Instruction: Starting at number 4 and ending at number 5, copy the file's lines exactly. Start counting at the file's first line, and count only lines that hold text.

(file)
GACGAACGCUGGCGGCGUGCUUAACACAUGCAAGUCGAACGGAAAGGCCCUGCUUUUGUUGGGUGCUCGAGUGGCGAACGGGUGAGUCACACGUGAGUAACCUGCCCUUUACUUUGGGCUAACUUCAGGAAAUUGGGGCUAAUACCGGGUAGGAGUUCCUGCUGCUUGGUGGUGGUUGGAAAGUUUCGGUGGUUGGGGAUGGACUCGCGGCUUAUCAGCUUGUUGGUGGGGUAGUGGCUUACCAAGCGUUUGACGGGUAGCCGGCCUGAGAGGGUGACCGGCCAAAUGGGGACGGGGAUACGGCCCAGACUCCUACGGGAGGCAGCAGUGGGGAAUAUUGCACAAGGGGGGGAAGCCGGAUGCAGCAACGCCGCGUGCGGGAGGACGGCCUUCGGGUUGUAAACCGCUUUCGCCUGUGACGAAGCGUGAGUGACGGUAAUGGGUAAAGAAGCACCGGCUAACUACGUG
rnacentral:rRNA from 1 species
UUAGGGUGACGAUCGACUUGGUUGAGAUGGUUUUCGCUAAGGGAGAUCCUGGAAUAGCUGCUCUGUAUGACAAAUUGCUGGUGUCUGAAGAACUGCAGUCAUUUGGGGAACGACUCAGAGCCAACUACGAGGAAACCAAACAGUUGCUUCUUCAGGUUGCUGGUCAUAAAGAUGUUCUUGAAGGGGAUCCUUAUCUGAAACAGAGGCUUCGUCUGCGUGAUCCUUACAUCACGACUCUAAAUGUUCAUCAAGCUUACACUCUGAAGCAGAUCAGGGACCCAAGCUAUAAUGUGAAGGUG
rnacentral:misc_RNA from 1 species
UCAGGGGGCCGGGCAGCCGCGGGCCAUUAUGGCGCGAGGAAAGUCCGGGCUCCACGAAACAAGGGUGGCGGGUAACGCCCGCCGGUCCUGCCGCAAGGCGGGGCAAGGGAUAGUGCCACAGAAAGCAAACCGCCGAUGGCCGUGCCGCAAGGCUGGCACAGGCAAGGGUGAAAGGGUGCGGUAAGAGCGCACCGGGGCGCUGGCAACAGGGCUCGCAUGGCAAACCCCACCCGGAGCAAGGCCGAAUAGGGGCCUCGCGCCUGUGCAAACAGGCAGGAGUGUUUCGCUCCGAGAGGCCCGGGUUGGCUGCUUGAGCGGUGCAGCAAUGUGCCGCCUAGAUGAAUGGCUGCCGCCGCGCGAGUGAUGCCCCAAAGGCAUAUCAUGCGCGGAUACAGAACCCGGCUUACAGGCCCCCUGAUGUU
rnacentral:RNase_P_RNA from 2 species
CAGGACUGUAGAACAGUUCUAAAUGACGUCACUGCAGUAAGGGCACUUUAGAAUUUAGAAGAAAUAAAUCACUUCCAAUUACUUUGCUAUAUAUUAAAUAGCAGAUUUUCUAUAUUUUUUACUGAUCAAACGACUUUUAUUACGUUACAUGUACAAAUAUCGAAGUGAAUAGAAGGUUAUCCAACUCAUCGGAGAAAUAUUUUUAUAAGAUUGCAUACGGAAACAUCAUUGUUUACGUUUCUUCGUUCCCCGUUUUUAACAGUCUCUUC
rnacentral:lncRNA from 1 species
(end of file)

rnacentral:misc_RNA from 1 species
UCAGGGGGCCGGGCAGCCGCGGGCCAUUAUGGCGCGAGGAAAGUCCGGGCUCCACGAAACAAGGGUGGCGGGUAACGCCCGCCGGUCCUGCCGCAAGGCGGGGCAAGGGAUAGUGCCACAGAAAGCAAACCGCCGAUGGCCGUGCCGCAAGGCUGGCACAGGCAAGGGUGAAAGGGUGCGGUAAGAGCGCACCGGGGCGCUGGCAACAGGGCUCGCAUGGCAAACCCCACCCGGAGCAAGGCCGAAUAGGGGCCUCGCGCCUGUGCAAACAGGCAGGAGUGUUUCGCUCCGAGAGGCCCGGGUUGGCUGCUUGAGCGGUGCAGCAAUGUGCCGCCUAGAUGAAUGGCUGCCGCCGCGCGAGUGAUGCCCCAAAGGCAUAUCAUGCGCGGAUACAGAACCCGGCUUACAGGCCCCCUGAUGUU